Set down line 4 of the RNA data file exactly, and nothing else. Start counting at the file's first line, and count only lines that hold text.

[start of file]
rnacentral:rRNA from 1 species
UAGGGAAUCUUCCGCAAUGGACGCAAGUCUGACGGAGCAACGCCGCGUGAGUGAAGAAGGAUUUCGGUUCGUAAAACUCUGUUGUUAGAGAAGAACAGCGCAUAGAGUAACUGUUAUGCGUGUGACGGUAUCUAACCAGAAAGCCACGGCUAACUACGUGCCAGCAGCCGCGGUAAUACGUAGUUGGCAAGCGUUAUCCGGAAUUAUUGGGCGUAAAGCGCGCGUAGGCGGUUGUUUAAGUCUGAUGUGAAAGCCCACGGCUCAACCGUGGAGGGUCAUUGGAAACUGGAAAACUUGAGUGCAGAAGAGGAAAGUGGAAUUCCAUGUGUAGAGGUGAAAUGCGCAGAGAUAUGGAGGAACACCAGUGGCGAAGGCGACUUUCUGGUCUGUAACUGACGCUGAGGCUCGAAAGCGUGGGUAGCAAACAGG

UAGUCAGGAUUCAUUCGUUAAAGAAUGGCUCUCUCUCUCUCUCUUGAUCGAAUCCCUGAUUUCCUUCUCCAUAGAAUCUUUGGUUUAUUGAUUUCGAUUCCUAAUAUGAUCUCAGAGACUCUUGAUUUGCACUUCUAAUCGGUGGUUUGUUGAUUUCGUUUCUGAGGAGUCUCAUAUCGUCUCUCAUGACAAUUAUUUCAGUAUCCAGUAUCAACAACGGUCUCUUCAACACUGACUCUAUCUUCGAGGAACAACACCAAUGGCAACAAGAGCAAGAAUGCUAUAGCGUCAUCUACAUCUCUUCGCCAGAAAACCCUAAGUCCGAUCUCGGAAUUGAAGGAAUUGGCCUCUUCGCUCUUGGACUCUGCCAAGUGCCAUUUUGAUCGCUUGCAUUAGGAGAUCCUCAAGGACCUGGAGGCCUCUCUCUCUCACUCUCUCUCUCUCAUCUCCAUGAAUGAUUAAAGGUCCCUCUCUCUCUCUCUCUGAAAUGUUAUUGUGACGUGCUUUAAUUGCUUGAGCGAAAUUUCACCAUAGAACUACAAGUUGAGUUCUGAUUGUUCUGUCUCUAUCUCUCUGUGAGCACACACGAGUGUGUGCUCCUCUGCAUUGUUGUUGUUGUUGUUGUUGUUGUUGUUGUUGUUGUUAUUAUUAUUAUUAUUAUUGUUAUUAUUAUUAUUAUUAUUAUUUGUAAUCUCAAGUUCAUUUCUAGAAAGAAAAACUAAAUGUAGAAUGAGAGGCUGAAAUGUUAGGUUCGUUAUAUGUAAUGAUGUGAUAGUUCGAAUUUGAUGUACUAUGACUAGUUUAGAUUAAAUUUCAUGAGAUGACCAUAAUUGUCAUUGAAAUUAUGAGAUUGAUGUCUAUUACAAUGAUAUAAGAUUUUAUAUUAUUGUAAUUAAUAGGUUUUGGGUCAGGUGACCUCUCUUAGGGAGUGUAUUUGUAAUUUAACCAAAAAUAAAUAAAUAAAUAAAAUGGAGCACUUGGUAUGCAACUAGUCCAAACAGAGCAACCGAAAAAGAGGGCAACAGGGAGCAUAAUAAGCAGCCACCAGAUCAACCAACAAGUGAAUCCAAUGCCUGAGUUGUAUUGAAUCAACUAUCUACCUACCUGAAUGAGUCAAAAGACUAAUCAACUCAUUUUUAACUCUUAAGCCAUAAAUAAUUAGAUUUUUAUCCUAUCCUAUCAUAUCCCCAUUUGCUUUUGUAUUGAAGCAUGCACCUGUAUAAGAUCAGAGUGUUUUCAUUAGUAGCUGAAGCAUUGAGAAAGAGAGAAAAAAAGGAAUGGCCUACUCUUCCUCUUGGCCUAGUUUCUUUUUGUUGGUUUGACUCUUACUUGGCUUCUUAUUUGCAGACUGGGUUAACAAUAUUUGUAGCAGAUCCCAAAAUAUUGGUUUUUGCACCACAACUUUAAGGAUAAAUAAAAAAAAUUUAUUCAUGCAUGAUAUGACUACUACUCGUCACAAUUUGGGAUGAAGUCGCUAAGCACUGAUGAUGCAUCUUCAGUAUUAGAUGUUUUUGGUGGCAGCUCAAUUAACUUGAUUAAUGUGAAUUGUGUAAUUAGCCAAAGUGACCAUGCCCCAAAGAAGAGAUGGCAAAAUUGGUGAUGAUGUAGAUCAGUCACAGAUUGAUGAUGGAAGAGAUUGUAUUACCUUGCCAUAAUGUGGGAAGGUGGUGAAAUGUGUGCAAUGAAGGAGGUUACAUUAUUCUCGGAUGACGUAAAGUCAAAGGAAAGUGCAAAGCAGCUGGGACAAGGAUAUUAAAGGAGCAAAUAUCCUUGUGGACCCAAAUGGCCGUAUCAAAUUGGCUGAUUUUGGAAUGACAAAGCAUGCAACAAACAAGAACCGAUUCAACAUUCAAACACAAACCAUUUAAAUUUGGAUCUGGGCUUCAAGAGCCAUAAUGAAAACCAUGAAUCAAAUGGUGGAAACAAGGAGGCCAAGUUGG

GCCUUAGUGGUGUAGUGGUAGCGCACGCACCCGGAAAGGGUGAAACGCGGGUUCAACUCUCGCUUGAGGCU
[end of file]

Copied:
GCCUUAGUGGUGUAGUGGUAGCGCACGCACCCGGAAAGGGUGAAACGCGGGUUCAACUCUCGCUUGAGGCU